Five questions about broadband rules the FCC left hanging

5 February 2015 by Steve Blum
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FCC chairman Tom Wheeler released a summary yesterday of the new, common carrier rules he’s proposing for the broadband industry. His overall intent is clear: bring cable companies, wired and wireless telcos and independent ISPs under one common carrier umbrella, at least as far as broadband is concerned. But it was just a summary. The details won’t be made public until the commission votes on 26 February 2015. There’s a lot that’s not clear. My top concerns are…

Muni broadband systems – public utility law generally treats privately owned utilities differently than publicly owned ones. Cities are largely exempt from California Public Utility Commission regulation, for example. But Wheeler clearly believes muni broadband falls under the FCC’s jurisdiction. Does he plan to include city-provided “broadband Internet access service” in the new rules? And what about dark fiber, conduit and pole access and other facilities offered by cities? Assuming Wheeler is right about the commission’s authority – I don’t FWIW – you can make a fair argument that level playing field obligations should apply to any provider, regardless of ownership.

Role of state commissions – federal law acknowledges the role of both state public utility commissions and the FCC in regulating common carrier telecommunication services. The diffuse nature of the Internet lends itself to a federalised approach, but some of the things Wheeler wants to regulate – pole and conduit access, VoIP service, consumer complaints – are at least partially under state control now, and governed mostly by land line phone rules (with some cable exceptions thrown in). The wireless industry, on the other hand, is federally regulated. Expect years of work to sort it out.

Merging broadband into existing cable and telco rules – wireline telcos are deep under legacy regulation, wireless carriers less so but still have some common carrier obligations. Cable companies fought a bitter battle over the years to avoid any hint of utility style control. Wheeler holds mobile telephone rules up as an example of how broadband regulation should work – will that be where it all comes together? With voice and video migrating to IP, trying to enforce four different rulebooks – telco, mobile, cable and, now, broadband – will be impossible.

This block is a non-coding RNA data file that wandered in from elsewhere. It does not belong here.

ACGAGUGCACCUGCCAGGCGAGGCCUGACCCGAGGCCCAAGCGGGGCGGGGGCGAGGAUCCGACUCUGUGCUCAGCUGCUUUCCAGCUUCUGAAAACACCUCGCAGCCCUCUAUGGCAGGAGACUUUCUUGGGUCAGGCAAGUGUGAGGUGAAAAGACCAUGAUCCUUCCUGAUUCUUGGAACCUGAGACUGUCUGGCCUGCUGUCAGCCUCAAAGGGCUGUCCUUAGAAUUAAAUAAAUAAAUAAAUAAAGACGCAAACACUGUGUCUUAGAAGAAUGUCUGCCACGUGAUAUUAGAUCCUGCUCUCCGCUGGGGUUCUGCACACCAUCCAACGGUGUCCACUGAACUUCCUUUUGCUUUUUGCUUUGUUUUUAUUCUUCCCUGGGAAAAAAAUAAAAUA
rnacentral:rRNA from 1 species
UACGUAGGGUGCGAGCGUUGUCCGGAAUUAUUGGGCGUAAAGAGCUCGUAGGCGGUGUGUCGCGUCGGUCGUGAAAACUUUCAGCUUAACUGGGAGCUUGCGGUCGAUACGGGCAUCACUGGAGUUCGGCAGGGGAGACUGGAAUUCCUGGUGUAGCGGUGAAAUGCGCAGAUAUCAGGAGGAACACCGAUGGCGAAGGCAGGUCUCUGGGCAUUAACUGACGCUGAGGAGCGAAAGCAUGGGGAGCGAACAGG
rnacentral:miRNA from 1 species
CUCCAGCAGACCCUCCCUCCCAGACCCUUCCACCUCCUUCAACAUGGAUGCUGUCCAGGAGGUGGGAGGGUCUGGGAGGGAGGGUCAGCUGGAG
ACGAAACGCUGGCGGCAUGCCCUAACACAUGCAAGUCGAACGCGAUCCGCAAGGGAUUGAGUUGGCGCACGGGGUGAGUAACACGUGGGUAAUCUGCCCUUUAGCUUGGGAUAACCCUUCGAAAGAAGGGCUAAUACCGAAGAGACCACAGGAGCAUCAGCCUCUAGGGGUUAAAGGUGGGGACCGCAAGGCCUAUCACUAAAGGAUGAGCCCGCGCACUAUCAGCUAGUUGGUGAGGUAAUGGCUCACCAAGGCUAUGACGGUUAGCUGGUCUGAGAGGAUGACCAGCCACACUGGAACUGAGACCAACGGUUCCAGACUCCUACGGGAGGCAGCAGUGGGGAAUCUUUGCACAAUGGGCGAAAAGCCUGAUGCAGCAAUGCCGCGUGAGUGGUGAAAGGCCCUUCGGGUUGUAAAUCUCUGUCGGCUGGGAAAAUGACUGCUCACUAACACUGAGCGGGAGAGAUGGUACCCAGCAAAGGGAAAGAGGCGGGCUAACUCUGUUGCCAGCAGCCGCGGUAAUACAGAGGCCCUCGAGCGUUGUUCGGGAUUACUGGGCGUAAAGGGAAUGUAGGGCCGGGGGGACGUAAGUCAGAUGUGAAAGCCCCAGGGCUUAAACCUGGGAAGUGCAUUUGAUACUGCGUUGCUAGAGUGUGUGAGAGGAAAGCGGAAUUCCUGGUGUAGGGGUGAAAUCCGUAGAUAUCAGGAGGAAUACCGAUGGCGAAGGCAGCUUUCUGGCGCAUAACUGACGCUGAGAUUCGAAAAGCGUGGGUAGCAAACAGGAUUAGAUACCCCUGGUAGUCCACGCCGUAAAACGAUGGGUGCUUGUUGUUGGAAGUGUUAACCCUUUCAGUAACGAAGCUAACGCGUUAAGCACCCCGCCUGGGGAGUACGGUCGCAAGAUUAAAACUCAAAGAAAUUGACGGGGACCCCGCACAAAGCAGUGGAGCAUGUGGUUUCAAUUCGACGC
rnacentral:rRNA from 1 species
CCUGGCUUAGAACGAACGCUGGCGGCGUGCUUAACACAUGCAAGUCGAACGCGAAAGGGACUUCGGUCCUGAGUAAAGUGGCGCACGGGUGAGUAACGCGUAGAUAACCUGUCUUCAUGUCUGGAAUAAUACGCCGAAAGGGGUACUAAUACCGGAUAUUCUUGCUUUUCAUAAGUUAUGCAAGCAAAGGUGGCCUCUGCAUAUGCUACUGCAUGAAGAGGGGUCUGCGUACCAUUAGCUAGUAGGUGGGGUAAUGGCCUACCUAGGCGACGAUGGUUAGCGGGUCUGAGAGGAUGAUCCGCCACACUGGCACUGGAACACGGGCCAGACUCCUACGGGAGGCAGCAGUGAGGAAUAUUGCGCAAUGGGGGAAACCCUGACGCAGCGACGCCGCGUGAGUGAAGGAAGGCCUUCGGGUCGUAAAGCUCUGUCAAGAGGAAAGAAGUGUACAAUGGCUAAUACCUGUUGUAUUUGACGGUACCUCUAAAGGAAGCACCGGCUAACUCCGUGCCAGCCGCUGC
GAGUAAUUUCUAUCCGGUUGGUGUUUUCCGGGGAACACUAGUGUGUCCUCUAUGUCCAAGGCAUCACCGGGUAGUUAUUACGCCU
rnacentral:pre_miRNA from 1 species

Universal service – Wheeler shouts out that broadband providers won’t have to pay into the Universal Service Fund, but also says they’ll get some level of support from it. What about universal service obligations, though? Will ISPs have to meet build out requirements, like cable companies (at least in California) and telcos theoretically do now?

Middle and last mile unbundling – Wheeler is promising “no last-mile unbundling” for broadband providers, but that’s going to hard to square with his apparent goal of creating a level playing field. Incumbent wireline telephone companies have to allow some ISPs access to their central offices and last mile copper. Will that disappear with the coming transition to all-IP service? If not, why shouldn’t cable companies bear the same burden? And what about middle mile fiber – Wheeler plans to “address issues that may arise in the exchange of traffic between mass-market broadband providers and edge providers”. Access to dark fiber will be at the top of that list.

We’ll have to wait until the FCC meets at the end of the month to get the answers, if everyone plays by the rules. It shouldn’t be a Beltway game, though, so let’s hope they don’t.